The world’s governments will meet in Copenhagen in December to hammer out a new global climate deal. But Al Gore, speaking on Wednesday at the Clinton Global Initiative’s annual meeting in New York, said success hinges on the U.S. Senate’s progress on legislation that would limit the country’s greenhouse gas emissions. “The road to Copenhagen goes through the U.S. Senate,” Gore said.
The United States must play a crucial role in the Copenhagen negotiations but in order for that to happen, President Obama must go there with a credible bargaining position, the former U.S. Vice President said. To do that, the U.S. Senate must pass climate legislation, even if the House and Senate haven’t worked out differences between their proposed bills by the time of the international meeting. The House passed climate legislation in the summer that would put in place a nationwide cap-and-trade system for greenhouse gasses, but the Senate is still debating its version of the bill.
With all the attention being paid to health care and the economy, however, there’s a real chance that the Senate might not vote on the bill before the end of the year. Senate Majority Leader Harry Reid suggested as much to reporters last week.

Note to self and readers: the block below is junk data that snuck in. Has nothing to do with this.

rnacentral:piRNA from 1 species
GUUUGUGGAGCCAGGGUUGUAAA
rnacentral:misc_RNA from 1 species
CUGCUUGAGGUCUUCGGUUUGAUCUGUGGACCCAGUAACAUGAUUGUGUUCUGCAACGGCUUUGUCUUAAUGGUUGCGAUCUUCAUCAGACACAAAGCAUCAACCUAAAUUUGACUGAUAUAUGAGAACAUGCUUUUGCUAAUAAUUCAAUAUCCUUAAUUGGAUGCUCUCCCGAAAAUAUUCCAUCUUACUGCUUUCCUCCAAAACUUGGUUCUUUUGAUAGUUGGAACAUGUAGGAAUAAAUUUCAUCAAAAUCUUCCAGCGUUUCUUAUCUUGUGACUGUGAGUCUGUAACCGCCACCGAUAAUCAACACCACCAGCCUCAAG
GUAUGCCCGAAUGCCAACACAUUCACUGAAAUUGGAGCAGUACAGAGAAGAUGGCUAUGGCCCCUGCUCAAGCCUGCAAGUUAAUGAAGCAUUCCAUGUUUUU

The U.S. bill contains what Gore calls the most crucial step for mitigating climate change: putting a price on carbon. Gore said he’s participated in more than 30 “solution summits” over the last three years to identify the best ideas for stopping climate change, and pricing carbon was the single most important solution that has emerged.
Beyond putting a price on carbon in the U.S., Gore said the world needs to move toward “sustainable capitalism” in general, which would incorporate externalities, like pollution, into business models. Part of this new capitalism would be rethinking the way money is managed. “If people are paid to maximize earnings on a quarterly basis, that is what they’ll do,” Gore said, referring to business executives who put short-term profits ahead of long-term growth. Gore said capitalism is required to solve the “climate crisis,” but in order for businesses to be part of the solution they need to operate in a more sustainable manner.
Meanwhile, President Obama spoke on Tuesday at the U.N. summit in New York where he said the U.S. understands the gravity of climate change and is “determined to act.” But according to this report, some observers were disappointed that he didn’t call for Senate action on climate legislation.
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